“The Hills are Drying Up”, has become the catch phrase for every antique picker that is still in the business. When I started as a wholesale “picker”, over 40 years ago back in Washington DC., the “hills” were packed with merchandise.
The “hills” are the backwoods, that are away from cities and densely populated metropolitan areas. We use to say the best prices we could possibly locate were in places that were outside the diameter of a significant city, by a “days drive”. If you could get outside that invisible rim of driving, turning around and getting home in one day…….then you had arrived at the best “picking areas you could possibly find.
I use to come across some of the most outstanding “stashes” outside the invisible rim that you can envision. I once came across a “picker” a few hours out of Chicago that for some mysterious reason had an affinity for “roll-top” desk’s. This was close to 35 years ago. For some reason he loved them. Although he dealt in each and every kind of antique, he specialized in “roll-tops”. He had a large barn stuffed with them that he had accumulated over the years from all over the Chicago area. He was in his late 70′s when I met him,. He had a moving and salvage business with his father when he was in his teens. They would clean out old office buildings in the Chicago area of all their old office furniture. Their business did really well because unlike other businesses,like theirs, they didn’t charge a fee for hauling the old furniture away…….most other “haulers” did. They were the “go to” hauler for all of Chicago.
All my adult life, I have dealt in antique iron beds. The first dozen or more iron beds I ever had, were “given” to me by farmers wanting to get rid of them. Word got out, in the hills of Pennsylvania, that I would take away any bed if you wanted to get rid of it. More frequently than not those beds were used as an incentive for me to “buy” other items from a picker or farmer. Quilts, stained glass windows, items they “did” place a value on and wanted to sell, they felt would be more saleable to someone like me, if they included a bed…….that they didn’t really place much value on.
As was the case with the “picker” in the suburbs of Chicago, who had all the roll top desk’s. I also came in contact with “pickers”, “haulers” and “junkers” as we use to call them, that purchased estates or “close-outs” when people died an had no surviving relatives. They would then empty a house and take virtually everything in the house, from kitchen plates and utensils, clothes and furniture to old cars and farm equipment……back to their warehouse or barn. There they would separate it and sell off all the things they had a market for. Things they didn’t have a buyer for would continue to accumulate and over time become piles of what they considered not very marketable. For the longest time antique iron beds happen to be one of those “not so desirable” items……….until the mid 60’s.
I started selling beds at a time when the “not so desirable” moniker was still felt. I myself actually fell prey to the same silly attitude. I had been specializing in “brass beds”, much different from and at the time far more popular than iron beds. As an inducement to buy their brass beds, dealers would offer to include in the deal an iron bed to sweeten the pot. So in turn……I foolishly, I might add for a very short period of time, would do the very same with my customers and offer a free iron bed with every brass bed purchased. My eye’s opened when I started having people “come” to me specifically for iron beds. I started by marketing them for $10. to $20. and not long after that became aware I no longer had any…….that they had all sold. It didn’t take a “rocket scientist” to realise they had started to create value and desirability. However the old boys throughout the hills also started realizing this when I started “asking” for them. So now they had become desirable. Over the years that collectability and value has developed way beyond anything I could have ever anticipated. And unfortunately those huge “stashes” have also been depleted to what now has become next to nothing. Hence ………. “The Hills Have Dried Up”.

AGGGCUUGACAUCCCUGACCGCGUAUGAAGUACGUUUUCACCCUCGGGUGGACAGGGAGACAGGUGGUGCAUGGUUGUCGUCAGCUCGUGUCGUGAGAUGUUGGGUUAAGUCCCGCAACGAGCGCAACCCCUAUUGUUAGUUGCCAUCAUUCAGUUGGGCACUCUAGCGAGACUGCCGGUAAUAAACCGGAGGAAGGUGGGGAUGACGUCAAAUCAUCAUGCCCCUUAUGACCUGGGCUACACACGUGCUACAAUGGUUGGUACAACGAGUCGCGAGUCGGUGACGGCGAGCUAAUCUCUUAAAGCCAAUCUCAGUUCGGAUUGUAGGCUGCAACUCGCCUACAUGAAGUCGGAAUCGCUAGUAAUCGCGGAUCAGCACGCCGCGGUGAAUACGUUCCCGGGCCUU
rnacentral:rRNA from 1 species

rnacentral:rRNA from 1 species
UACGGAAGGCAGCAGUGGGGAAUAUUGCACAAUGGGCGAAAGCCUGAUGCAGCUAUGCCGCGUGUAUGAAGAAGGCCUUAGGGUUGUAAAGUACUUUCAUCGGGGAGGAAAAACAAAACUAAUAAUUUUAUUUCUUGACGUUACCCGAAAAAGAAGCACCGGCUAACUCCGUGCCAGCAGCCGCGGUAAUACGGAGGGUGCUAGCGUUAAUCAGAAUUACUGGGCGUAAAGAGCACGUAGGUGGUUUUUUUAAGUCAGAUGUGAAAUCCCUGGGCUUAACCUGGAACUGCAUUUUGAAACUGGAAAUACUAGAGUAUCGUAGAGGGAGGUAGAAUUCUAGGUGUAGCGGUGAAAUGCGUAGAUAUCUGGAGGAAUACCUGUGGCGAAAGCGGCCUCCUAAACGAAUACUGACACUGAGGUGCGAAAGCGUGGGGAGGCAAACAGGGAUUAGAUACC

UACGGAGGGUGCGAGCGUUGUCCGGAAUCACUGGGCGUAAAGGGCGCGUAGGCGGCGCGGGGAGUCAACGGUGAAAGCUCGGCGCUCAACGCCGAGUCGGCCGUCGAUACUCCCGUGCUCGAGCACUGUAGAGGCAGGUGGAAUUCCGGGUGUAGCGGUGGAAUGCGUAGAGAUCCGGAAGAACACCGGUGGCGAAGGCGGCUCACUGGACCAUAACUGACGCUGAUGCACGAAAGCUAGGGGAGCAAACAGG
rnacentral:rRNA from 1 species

It’s not hard to understand that there were a finite amount of antique’s built back in the 1800’s, for a much much small population that what we have today. So as the popularity of antique’s has grown and the number of people who are collecting them also has grown…….it stands to reason the time has to come when supply just doesn’t meet up to the growing and overwhelming demand. As that time fast approaches, prices will continue to rise.
To know the collectible of a particular antique, you need only look at the number of “replicas” that are on the market. Iron beds are a perfect example. I use to have over 600 beds in my stock. I bought everything I could get my hands on. Over the past 35 years that stock is now below 400, with no possibility of ever returning it to what it was. They are just to tough to unearth anymore.
So the bottom line is this…….if you see an antique you like……get it. Even if it’s not the ideal price and you weren’t able to get a great “deal”…….keep it for less than a year and it will have already appreciated up and beyond what you possibly paid for it. It will most likely eclipse whatever stock or bond you may have put your money in to.
Do yourself a favor…….start filling out your “portfolio” with a few good antiques. It’s the only investment that won’t disappoint you.
I hope you’ve found this blog informative . I invite you to revisit my website
to answer any and all questions you might have about antique iron beds.
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